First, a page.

19. Relativistic Binaries in Globular Clusters

    Directory of Open Access Journals (Sweden)

    Benacquista Matthew J.

    2006-02-01

    Full Text Available The galactic population of globular clusters are old, dense star systems, with a typical cluster containing 10^4 - 10^7 stars. As an old population of stars, globular clusters contain many collapsed and degenerate objects. As a dense population of stars, globular clusters are the scene of many interesting close dynamical interactions between stars. These dynamical interactions can alter the evolution of individual stars and can produce tight binary systems containing one or two compact objects. In this review, we discuss the theoretical models of globular cluster evolution and binary evolution, techniques for simulating this evolution which lead to relativistic binaries, and current and possible future observational evidence for this population. Globular cluster evolution will focus on the properties that boost the production of hard binary systems and on the tidal interactions of the galaxy with the cluster, which tend to alter the structure of the globular cluster with time. The interaction of the components of hard binary systems alters the evolution of both bodies and can lead to exotic objects. Direct N-body integrations and Fokker-Planck simulations of the evolution of globular clusters that incorporate tidal interactions and lead to predictions of relativistic binary populations are also discussed. We discuss the current observational evidence for cataclysmic variables, millisecond pulsars, and low-mass X-ray binaries as well as possible future detection of relativistic binaries with gravitational radiation.

  20. Relativistic Binaries in Globular Clusters

    Directory of Open Access Journals (Sweden)

    Benacquista Matthew

    2002-01-01

    Full Text Available The galactic population of globular clusters are old, dense star systems, with a typical cluster containing $10^4 - 10^6$ stars. As an old population of stars, globular clusters contain many collapsed and degenerate objects. As a dense population of stars, globular clusters are the scene of many interesting close dynamical interactions between stars. These dynamical interactions can alter the evolution of individual stars and can produce tight binary systems containing one or two compact objects. In this review, we discuss the theoretical models of globular cluster evolution and binary evolution, techniques for simulating this evolution which lead to relativistic binaries, and current and possible future observational evidence for this population. Globular cluster evolution will focus on the properties that boost the production of hard binary systems and on the tidal interactions of the galaxy with the cluster, which tend to alter the structure of the globular cluster with time. The interaction of the components of hard binary systems alters the evolution of both bodies and can lead to exotic objects. Direct $N$-body integrations and Fokker--Planck simulations of the evolution of globular clusters that incorporate tidal interactions and lead to predictions of relativistic binary populations are also discussed. We discuss the current observational evidence for cataclysmic variables, millisecond pulsars, and low-mass X-ray binaries as well as possible future detection of relativistic binaries with gravitational radiation.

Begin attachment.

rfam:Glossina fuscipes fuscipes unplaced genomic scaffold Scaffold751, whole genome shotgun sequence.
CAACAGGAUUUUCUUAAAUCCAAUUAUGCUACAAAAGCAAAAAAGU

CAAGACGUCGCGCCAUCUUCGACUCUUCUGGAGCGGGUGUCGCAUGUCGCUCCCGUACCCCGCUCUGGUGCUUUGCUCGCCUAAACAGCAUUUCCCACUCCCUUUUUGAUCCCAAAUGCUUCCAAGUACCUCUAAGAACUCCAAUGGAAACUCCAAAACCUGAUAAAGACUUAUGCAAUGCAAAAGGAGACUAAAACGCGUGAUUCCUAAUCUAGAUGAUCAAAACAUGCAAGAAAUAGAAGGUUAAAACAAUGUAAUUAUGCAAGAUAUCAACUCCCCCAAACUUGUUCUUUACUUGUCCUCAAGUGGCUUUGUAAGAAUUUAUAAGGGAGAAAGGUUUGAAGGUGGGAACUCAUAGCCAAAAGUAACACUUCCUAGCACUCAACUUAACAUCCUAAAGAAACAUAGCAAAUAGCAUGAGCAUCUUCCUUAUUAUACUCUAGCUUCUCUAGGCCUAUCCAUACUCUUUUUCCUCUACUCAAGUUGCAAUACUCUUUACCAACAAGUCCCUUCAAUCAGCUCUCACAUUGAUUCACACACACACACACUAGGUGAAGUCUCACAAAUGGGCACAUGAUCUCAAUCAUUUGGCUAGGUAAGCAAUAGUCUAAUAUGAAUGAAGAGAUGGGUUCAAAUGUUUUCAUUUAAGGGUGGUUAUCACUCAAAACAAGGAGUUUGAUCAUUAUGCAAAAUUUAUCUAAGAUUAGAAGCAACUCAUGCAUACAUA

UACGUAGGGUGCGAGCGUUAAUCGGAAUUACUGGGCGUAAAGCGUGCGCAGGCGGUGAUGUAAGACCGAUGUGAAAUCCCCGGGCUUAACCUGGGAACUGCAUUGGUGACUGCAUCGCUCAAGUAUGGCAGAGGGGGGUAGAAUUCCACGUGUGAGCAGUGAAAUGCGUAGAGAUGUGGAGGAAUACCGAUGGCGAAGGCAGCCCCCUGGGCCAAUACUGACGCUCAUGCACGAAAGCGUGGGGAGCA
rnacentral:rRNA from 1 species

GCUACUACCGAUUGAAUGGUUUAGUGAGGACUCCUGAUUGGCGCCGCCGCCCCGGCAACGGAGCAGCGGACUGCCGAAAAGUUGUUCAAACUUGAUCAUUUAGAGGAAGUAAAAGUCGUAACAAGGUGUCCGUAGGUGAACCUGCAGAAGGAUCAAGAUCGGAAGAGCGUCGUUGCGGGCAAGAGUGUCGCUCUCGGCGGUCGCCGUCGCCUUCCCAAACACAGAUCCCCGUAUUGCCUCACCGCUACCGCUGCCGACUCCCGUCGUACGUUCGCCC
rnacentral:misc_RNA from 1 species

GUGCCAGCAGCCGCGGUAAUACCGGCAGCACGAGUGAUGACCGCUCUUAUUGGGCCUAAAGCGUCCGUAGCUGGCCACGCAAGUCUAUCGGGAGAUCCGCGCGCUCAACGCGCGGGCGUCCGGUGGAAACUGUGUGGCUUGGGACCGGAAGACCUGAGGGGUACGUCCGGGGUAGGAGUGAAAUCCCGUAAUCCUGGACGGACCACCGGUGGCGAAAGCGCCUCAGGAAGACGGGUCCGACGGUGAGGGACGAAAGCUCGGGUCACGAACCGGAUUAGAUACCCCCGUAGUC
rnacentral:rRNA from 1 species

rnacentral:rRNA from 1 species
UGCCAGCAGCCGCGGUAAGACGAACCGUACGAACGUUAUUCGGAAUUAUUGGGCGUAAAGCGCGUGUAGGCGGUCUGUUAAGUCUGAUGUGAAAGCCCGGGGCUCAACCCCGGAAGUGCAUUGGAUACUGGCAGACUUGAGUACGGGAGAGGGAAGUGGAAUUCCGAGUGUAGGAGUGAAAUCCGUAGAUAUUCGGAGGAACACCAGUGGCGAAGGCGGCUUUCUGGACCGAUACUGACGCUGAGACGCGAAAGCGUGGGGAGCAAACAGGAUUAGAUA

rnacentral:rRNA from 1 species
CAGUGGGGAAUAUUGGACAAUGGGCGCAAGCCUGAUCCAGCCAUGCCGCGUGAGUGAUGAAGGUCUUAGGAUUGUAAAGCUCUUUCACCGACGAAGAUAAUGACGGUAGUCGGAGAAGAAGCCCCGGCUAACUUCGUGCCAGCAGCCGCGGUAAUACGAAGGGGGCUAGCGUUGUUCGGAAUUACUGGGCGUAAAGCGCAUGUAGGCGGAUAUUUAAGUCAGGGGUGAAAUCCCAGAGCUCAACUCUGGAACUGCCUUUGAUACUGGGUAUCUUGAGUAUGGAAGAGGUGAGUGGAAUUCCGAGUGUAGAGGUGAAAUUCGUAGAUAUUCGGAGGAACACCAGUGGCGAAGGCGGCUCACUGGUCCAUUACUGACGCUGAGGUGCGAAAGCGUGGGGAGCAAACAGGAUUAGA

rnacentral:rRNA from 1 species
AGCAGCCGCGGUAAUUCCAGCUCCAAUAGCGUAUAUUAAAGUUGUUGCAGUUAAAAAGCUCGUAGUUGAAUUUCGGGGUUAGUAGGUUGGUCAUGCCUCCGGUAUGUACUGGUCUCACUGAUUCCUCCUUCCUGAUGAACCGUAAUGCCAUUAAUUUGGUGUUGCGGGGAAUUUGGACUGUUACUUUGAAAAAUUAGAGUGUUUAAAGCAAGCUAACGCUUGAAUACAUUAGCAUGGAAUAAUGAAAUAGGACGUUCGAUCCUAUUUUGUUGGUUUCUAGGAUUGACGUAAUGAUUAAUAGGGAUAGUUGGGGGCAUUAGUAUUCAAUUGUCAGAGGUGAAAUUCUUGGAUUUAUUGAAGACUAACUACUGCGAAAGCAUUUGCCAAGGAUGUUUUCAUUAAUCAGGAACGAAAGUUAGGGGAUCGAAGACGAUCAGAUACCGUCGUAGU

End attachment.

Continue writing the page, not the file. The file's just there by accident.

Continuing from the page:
1. Relativistic Binaries in Globular Clusters

    Directory of Open Access Journals (Sweden)

    Matthew J. Benacquista

    2013-03-01

    Full Text Available Galactic globular clusters are old, dense star systems typically containing 10^4 – 10^6 stars. As an old population of stars, globular clusters contain many collapsed and degenerate objects. As a dense population of stars, globular clusters are the scene of many interesting close dynamical interactions between stars. These dynamical interactions can alter the evolution of individual stars and can produce tight binary systems containing one or two compact objects. In this review, we discuss theoretical models of globular cluster evolution and binary evolution, techniques for simulating this evolution that leads to relativistic binaries, and current and possible future observational evidence for this population. Our discussion of globular cluster evolution will focus on the processes that boost the production of tight binary systems and the subsequent interaction of these binaries that can alter the properties of both bodies and can lead to exotic objects. Direct N-body integrations and Fokker–Planck simulations of the evolution of globular clusters that incorporate tidal interactions and lead to predictions of relativistic binary populations are also discussed. We discuss the current observational evidence for cataclysmic variables, millisecond pulsars, and low-mass X-ray binaries as well as possible future detection of relativistic binaries with gravitational radiation.

  2. Relativistic Celestial Mechanics of the Solar System

    Science.gov (United States)

    Kopeikin, Sergei; Efroimsky, Michael; Kaplan, George

    2011-09-01